Report: Allan Houston to be next Knicks GM?

Jared Zwerling, one of Bleacher Report’s newest NBA writers, reported yesterday that the Knicks’ shocking decision to relieve Glenn Grunwald of his role earlier this week is, potentially, good news for former Knick and current assistant general manager Allan Houston.

According to Zwerling and his sources, the Knicks are likely grooming Houston to eventually take over for new GM Steve Mills in a couple of years.

This wouldn’t be a tremendous shock, considering Houston is the current Assistant GM, though that doesn’t make the abrupt Grunwald firing any less bizarre.

One of the sources Zwerling cites in the piece had this to say about Houston’s relationship with Knicks owner James Dolan.

“Dolan has always taken care of his former players, especially stars, which Allan was. I guarantee you he’s close to Allan just like Isiah Thomas and other former Knicks,”- Source #2.

We’ll probably never find out the real motivation behind the abrupt Grunwald dismissal by Dolan, but this might be the closest answer we get. Dolan is an odd guy, but he’s a guy who knows what he wants, and won’t hesitate to drastically change the course of the franchise to get it. If Zwerling’s source is accurate, and Houston’s relationship with Dolan is starting to mirror the one Isiah had(s), all the chaos this week will at least have some sort of rhyme or reason to it. On the surface, at least.

Houston has worked his way up the ladder under two very different GM’s with two very different philosophies in Grunwald and Donnie Walsh. He’s regarded highly by numerous players and executives, so perhaps Dolan zoning in on Houston being his guy to guide the franchise going forward won’t meet the same fate as the Isiah years.

Additionally, it might well be the case that Dolan — who nearly whiffed completely on the 2010 free agent class — wants to give Houston the position as the Knicks once again try and lure new stars to the Big Apple in 2015.

Lots of questions still remain, obviously, but the dust is certainly starting to settle. Maybe everything will be okay. Oh wait, it’s the Knicks, which means: PROCEED WITH CAUTION.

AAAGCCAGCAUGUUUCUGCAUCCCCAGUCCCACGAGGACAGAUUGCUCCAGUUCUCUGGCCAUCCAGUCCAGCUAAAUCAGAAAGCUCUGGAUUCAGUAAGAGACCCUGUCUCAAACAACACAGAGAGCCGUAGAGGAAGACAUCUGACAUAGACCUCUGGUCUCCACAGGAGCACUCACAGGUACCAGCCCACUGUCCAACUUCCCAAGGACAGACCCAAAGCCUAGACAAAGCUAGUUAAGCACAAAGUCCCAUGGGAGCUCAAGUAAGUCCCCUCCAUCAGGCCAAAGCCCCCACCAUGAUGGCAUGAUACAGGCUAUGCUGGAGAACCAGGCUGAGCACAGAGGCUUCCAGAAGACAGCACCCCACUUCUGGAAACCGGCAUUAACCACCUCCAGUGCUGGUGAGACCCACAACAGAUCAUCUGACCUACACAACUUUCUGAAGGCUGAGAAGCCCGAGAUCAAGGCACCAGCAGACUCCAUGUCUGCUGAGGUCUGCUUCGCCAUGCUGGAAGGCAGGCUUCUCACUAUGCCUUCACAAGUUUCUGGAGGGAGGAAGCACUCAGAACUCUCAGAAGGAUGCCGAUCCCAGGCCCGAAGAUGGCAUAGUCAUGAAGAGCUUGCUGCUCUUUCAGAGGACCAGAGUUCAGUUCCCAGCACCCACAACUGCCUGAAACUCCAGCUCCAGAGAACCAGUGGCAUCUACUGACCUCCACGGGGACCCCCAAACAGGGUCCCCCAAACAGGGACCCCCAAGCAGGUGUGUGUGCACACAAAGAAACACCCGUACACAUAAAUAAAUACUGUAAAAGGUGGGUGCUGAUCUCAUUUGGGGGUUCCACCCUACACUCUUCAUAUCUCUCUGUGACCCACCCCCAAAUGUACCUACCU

Jeremy Lin, By The Books

Jeremy Lin is your textbook point guard. He focuses on penetrating into the lane, keeping his dribble until an option presents itself, and making the safe pass to the open man. He appears poised at times, but that doesn’t prevent him from playing an energetic brand of basketball. Lin is averaging 1.7 stl/36 and is able to run the fast break.

The Knicks, lately devoid of Melo and STAT, are on a three-game win streak since D’Antoni inserted Lin into the lineup during the Nets game. Perhaps it’s because Lin fits the Knicks better than the other point guards on the roster. Douglas and Bibby frequently pick up their dribble and prefer to stay outside the arc instead of “wetting” their feet in the paint.

Like Steve Nash or Jason Kidd, Lin weaves in and out of the paint, continuing his dribble even through crowds of defenders. Once he’s near the basket, he has an innate ability to assess the defense. If it’s one-on-one, he can finish at the rim and has the knack for drawing the and-1 foul, as seen here http://www.youtube.com/watch?v=D5vKayhN2Ug. If he is double-teamed, he either kicks it out to a shooter, or finds a big man rolling to the hoop, like this http://www.youtube.com/watch?v=5B3MRqMwh54.

In the last three games, Jeremy is shooting 59% from the field, 80% from the line, and averaging 25 points, 8 assists, and 4 rebounds in 39 minutes per game. His shot still needs work, but the form looks good. Most of his jumpers so far have fallen short, which would indicate his legs aren’t in “basketball shape.” Thus far Lin has faced some of the league’s weaker teams. As the season progresses opponents will prepare better for him by crowding the middle, taking away his right hand, and forcing him to take more jump shots. The Lakers on Friday will be his toughest challenge to date.

Jeremy Lin is a Harvard grad who went undrafted in 2010. His game may be elementary, but Lin seems to be excelling where other players from big name schools have failed.